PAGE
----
Agent, Janet Reid hit the monkey on the head with her recent post about book promotion on Twitter. The biggest reason I don't spend a lot of time on Twitter anymore is because people are always shilling something. Once in a while is fine. Too often and it becomes noise, forcing people to ignore it completely.
Her ratio of one shill post to every ten is more than fair--and easier on my brain.
I also liked what she said about 'followers'.
Reid said: Don't talk about this stuff at ALL. No one following you cares how many
other people are. They ONLY care that you say something of interest to
So true! The number of followers is only important to the person asking for the followers.
That said, there are good reasons to have followers. I had a conversation with someone recently about contests. She wasn't going to ask for people to be a follower in order to enter her contests. I suggested she reconsider it. I've found that people willing to follow (to enter) are less likely to be contest trolls and more likely to be true fans of the genre or author.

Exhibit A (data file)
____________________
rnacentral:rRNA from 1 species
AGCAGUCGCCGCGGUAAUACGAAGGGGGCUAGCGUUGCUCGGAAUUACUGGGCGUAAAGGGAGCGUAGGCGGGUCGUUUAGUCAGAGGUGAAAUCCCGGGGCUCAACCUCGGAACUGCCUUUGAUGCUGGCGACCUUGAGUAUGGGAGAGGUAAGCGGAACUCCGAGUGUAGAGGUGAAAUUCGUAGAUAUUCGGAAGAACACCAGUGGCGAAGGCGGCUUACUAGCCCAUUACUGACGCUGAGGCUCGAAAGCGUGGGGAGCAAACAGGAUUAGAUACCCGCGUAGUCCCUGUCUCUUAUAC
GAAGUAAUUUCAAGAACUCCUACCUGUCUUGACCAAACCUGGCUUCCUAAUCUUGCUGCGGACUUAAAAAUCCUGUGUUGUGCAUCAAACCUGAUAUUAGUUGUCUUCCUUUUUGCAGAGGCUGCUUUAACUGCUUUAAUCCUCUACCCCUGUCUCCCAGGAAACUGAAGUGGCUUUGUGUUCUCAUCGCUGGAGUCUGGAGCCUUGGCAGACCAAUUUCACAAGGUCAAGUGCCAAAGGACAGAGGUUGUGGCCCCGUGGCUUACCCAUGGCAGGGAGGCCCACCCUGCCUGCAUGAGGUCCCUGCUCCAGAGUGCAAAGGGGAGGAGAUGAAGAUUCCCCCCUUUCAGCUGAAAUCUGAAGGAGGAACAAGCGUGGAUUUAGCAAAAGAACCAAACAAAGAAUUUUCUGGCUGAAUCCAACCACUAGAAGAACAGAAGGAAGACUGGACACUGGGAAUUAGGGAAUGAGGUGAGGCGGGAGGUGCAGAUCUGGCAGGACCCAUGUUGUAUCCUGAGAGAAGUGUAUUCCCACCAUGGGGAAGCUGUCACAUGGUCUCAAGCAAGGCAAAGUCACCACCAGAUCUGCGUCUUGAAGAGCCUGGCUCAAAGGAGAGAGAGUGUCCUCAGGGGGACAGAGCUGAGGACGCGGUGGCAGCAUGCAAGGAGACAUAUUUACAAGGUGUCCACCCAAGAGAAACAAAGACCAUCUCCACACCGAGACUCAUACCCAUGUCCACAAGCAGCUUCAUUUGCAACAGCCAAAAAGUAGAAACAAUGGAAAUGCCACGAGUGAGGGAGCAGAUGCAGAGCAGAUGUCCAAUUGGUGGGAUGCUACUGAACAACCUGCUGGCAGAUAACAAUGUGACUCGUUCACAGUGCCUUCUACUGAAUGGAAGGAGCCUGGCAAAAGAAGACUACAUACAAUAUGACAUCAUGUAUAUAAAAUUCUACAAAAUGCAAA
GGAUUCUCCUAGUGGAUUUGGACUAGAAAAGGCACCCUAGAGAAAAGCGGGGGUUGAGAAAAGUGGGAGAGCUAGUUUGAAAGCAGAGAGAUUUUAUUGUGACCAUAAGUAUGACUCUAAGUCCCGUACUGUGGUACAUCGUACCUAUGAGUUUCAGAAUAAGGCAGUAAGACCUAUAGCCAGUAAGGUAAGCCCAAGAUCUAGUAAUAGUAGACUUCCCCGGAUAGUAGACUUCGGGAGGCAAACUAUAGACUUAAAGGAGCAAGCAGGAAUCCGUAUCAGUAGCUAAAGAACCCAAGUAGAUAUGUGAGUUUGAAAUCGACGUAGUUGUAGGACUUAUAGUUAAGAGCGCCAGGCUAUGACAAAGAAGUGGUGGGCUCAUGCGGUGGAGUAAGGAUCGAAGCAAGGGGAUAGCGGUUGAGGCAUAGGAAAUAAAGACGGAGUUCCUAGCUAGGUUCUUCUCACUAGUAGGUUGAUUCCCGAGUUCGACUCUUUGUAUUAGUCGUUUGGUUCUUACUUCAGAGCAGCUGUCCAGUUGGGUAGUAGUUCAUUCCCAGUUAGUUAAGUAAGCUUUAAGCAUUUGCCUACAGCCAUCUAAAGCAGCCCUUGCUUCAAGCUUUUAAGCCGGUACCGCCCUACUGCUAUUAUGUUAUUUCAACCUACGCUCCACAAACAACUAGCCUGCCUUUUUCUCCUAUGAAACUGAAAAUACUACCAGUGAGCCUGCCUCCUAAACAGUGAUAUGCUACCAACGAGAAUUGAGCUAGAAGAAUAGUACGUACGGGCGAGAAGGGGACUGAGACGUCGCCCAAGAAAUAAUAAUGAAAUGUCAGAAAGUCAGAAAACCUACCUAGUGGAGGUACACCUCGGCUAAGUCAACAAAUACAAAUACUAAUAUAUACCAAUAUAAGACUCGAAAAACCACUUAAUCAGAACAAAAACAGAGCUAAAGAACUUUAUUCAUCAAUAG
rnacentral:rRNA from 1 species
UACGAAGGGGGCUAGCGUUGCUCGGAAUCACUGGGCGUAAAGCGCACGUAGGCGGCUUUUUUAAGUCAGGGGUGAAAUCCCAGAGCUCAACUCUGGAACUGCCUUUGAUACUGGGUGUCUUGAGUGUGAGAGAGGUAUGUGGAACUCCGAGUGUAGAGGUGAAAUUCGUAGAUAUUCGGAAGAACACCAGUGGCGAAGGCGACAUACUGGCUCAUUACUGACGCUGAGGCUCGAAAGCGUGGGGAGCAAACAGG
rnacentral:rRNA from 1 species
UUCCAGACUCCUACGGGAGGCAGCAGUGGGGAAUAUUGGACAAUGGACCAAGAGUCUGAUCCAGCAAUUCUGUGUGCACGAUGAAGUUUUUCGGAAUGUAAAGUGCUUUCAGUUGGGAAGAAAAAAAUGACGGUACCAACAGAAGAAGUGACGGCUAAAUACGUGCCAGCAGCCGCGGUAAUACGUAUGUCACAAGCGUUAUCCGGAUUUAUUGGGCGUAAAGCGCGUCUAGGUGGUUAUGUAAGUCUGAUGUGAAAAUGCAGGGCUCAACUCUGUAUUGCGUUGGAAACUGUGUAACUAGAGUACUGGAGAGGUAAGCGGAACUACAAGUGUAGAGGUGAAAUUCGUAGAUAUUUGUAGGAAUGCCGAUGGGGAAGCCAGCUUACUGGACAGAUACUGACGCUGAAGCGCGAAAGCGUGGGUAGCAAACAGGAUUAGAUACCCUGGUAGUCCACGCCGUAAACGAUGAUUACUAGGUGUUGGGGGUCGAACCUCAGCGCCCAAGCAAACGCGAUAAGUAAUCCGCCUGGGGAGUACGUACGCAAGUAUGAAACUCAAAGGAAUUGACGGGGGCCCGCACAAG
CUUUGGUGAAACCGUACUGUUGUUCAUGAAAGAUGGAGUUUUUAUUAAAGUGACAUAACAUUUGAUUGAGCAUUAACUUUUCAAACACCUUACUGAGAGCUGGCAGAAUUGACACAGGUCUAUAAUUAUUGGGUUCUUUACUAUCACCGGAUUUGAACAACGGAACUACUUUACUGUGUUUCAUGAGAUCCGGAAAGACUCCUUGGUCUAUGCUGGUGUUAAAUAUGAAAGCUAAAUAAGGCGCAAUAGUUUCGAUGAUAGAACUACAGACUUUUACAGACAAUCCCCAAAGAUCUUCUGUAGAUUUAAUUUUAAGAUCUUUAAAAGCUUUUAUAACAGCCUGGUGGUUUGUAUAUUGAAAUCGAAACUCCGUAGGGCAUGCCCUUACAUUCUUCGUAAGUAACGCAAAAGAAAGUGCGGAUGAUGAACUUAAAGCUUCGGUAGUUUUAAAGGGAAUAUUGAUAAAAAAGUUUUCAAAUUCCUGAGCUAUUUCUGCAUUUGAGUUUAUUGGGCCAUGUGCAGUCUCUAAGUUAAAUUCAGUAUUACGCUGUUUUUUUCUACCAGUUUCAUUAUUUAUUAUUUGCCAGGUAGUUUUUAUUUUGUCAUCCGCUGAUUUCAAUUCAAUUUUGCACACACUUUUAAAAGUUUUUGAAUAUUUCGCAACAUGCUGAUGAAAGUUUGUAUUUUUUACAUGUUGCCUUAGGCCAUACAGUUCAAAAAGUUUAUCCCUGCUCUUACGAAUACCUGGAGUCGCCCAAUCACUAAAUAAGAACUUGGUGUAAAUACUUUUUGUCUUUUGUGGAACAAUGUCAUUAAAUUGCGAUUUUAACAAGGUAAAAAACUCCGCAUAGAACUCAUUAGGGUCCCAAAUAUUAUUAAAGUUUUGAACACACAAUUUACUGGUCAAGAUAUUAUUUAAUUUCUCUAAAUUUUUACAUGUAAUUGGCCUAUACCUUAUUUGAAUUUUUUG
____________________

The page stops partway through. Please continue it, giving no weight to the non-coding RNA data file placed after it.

Follow because you WANT to be a part of that person's world. And those asking for 'follows' should be doing it because they have something marvelous to offer in return. No one cares how many people are in your posse. That's just ego talking. Real followers care about your content.
I still add myself to other people's follow list, but only if I truly enjoy that person's blog. I want to show my appreciation and that's one small way to do it.
I just think we need to move away from that high school clique mentality. Social networks are really crowded and noisy with spam. To stand out, we need to be a little less self-centered and more genuinely social.
Touch us where we live through pictures and anecdotes. Talk about other people. Quote them. Link to them. Expand your scope beyond selling yourself and you'll find a more receptive audience.
Reid had so many good points in her post. I highly recommend it.
Have you ever tried to gauge which posts or tweets worked best for you? What did you discover?